The Shot Heard Around the World

On this day in 1775, the American Revolution began. “At about 5 a.m., 700 British troops, on a mission to capture Patriot leaders and seize a Patriot arsenal, march into Lexington to find 77 armed minutemen under Captain John Parker waiting for them on the town’s common green. British Major John Pitcairn ordered the outnumbered Patriots to disperse, and after a moment’s hesitation the Americans began to drift off the green. Suddenly, the “shot heard around the world” was fired from an undetermined gun, and a cloud of musket smoke soon covered the green. When the brief Battle of Lexington ended, eight Americans lay dead or dying and 10 others were wounded. Only one British soldier was injured, but the American Revolution had begun.

In the short piece I present here, I step into the mind of one of the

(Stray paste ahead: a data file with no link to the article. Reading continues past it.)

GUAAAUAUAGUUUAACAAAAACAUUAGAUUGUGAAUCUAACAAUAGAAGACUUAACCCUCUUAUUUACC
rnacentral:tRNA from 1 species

Patriots mentioned above and attempt to imagine how he perceived this day. How’d I do?

Journal Entry: Stuart Acey, April 19, 1775

There is little time to write. The cry is war. The cry is America. This morning America squared her soldiers, I squared my soldiers, against his majesty’s might. A soldier, a redcoat, let scream his musket. Its thunder rattled against the foundations of Heaven and – I have no doubt – ushered the favor of God to our cause. Blood was spilt today. Blood shall spill in our many tomorrows, but as Christ’s blood washed my soul clean of iniquity, so also will the blood of my brothers, so also will my blood, wash England from America’s shores, my shores.


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